On a day intended to be one of celebration for France’s medieval heroine Jean D’Arc, Emmanuel Macron compared himself to her. This young, ambitious, technocratic outsider was in the process of utterly reinventing himself. No more would he be the insider banker who had served in Hollande’s cabinet, he would transform himself into a symbol of everything which France wanted to be. And he has. Like Trump, for his supporters at least, Macron is everything France aspires to be; graceful, eloquent, intellectual, and upwardly mobile, the young President is the model Frenchman. He can go from decisive public policy-making and statesmanship one moment to repeating French poetry back to philosophers the next. Like Jean D’Arc he has risen from nowhere, a tiny French village, to lead his people back to glory even as the whole world seems set against them, but perhaps this is not the most apt comparison one can make – another enigmatic young man who rose from nowhere to absolute power haunts French history, and Macron is acutely aware of this. Like Napoleon Bonaparte, Macron is young for a political leader, and like Bonaparte he seeks to steer his country through what he sees as “revolutionary” times. When Macron calls himself “Jupiter”, he may harken back to de Gaulle, but he is comparing himself to Napoleon, and in doing so he is painting himself as an embodiment of the French nation. As Sudhir Hareezingh has suggested, the Napoleonic myth is central to the French conception of their own nation, and Macron’s conscious decision to paint himself as the new Napoleon is part of an effort to seize that national identity for himself.
In that Marine Le Pen too sought to be a symbol of her people, the 2017 French Presidential Election was a battle of competing visions for a nation. Macron did not solely win because his hopeful persona was something the French aspired to be more than Le Pen’s motherly patriotic image, but such an image helped. Where Macron emphasises a cosmopolitan, pragmatic, and quintessentially liberal vision of France, Le Pen emphasis tradition, order, and national integrity. Unlike all of the other candidates in the election – save, perhaps, Mélenchon who sought to represent the ideals of the ‘Old Left’ – Macron and Le Pen were trying not just to become President of France but to become a symbol of it. The campaign they fought was as much about cultural issues and what the candidates thought the very nature of being “French” meant than it was about specific policy details. When the French people voted, for many it was a vote about who you wanted to lead France as it was about what you wanted France’s leader to do. Whilst Macron is not exactly a populist (he is certainly more of a technocrat), he ran an undeniably populistic campaign, appealing to a French desire for a strong and unifying leader in the mould of Napoleon, De Gaulle, Mitterand, or Chirac. He was not only a charismatic leader, but a “man of destiny” or, as Phillipe Besson puts it, Un Personnage de Roman… a character from a novel – a protagonist fit for an entire country.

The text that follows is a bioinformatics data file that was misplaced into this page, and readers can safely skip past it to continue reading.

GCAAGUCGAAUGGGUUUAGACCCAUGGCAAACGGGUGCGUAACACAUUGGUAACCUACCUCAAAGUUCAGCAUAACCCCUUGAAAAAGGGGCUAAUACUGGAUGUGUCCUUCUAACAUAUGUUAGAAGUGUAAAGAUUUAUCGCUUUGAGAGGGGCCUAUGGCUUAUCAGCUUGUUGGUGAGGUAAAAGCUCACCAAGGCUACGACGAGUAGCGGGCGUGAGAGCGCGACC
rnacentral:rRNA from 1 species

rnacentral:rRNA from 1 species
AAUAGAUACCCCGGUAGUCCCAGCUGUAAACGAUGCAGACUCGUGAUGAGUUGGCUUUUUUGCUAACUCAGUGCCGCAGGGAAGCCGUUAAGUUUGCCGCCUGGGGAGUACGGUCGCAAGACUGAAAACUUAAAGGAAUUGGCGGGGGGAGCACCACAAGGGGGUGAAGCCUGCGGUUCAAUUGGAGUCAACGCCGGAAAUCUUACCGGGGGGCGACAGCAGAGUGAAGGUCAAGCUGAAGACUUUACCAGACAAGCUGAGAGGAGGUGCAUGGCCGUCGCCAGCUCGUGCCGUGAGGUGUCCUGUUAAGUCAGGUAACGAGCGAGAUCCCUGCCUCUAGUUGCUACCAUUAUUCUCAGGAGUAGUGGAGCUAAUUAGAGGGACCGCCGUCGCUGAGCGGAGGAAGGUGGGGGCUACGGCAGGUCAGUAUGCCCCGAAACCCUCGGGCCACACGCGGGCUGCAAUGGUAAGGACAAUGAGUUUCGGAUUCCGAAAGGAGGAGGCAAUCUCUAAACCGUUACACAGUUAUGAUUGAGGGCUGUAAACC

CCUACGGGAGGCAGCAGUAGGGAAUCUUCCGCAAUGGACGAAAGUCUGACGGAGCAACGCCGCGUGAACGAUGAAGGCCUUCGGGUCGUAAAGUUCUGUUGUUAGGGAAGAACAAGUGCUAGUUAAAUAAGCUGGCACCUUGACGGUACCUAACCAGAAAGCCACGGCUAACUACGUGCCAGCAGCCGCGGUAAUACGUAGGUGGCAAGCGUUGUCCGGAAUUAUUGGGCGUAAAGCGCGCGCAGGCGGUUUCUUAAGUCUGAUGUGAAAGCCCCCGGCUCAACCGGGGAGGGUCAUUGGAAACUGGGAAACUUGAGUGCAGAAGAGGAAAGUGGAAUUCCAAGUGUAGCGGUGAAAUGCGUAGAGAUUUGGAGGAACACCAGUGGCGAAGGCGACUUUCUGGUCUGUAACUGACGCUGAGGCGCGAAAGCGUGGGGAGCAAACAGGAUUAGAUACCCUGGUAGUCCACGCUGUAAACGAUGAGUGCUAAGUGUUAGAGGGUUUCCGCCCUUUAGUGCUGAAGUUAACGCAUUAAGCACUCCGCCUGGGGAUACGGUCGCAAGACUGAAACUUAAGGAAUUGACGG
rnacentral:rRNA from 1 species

To understand the symbolic resonance of the populist leader we must move beyond a simple conception of “charisma”. The superhuman man of destiny who leads a people to victory is more than just a figure of Nietzschean talent, he must become an emblem of the people himself. It is not enough in a world of mass media which necessitates charisma to simply be a popular politician to be “populist”. To achieve the central populist spirit of championing the “pure” people vs the “corrupt” elite one must now transcend personhood (at least to their followers) to represent the nation. In the age before mass media the distant political dignitary could flourish and the populist was his rare opponent. Today all politicians have been made showmen – often at the expense of their statesmanship – and the populist has become something newer and more audacious. This new populism is not a right-wing phenomenon (though the right with its individualist spirit and love of the “heroic” is certainly more predisposed to such emotional devotion), but can be observed on both the left and the right and in the “centre”. In fact, from a Durkheimian perspective one could even argue that such a commanding figure plays the role of a divinity or priest in a world without religious commitment. Worshipful devotion to a supreme political avatar may fulfil the role in unifying and providing meaning to a life that religion can no longer fulfil. When politicians like Donald Trump declare that they are the people’s “voice” they do not just mean they will fight for them, they mean that – on a symbolic level at the very least – they will become them.